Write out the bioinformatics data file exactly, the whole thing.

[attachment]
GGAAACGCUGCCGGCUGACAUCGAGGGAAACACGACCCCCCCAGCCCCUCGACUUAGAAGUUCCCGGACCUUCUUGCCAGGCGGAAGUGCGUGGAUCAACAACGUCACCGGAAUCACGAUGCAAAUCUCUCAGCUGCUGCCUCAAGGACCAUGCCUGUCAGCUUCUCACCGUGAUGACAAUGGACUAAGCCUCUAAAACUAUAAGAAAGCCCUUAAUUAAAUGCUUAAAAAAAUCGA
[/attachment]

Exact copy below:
GGAAACGCUGCCGGCUGACAUCGAGGGAAACACGACCCCCCCAGCCCCUCGACUUAGAAGUUCCCGGACCUUCUUGCCAGGCGGAAGUGCGUGGAUCAACAACGUCACCGGAAUCACGAUGCAAAUCUCUCAGCUGCUGCCUCAAGGACCAUGCCUGUCAGCUUCUCACCGUGAUGACAAUGGACUAAGCCUCUAAAACUAUAAGAAAGCCCUUAAUUAAAUGCUUAAAAAAAUCGA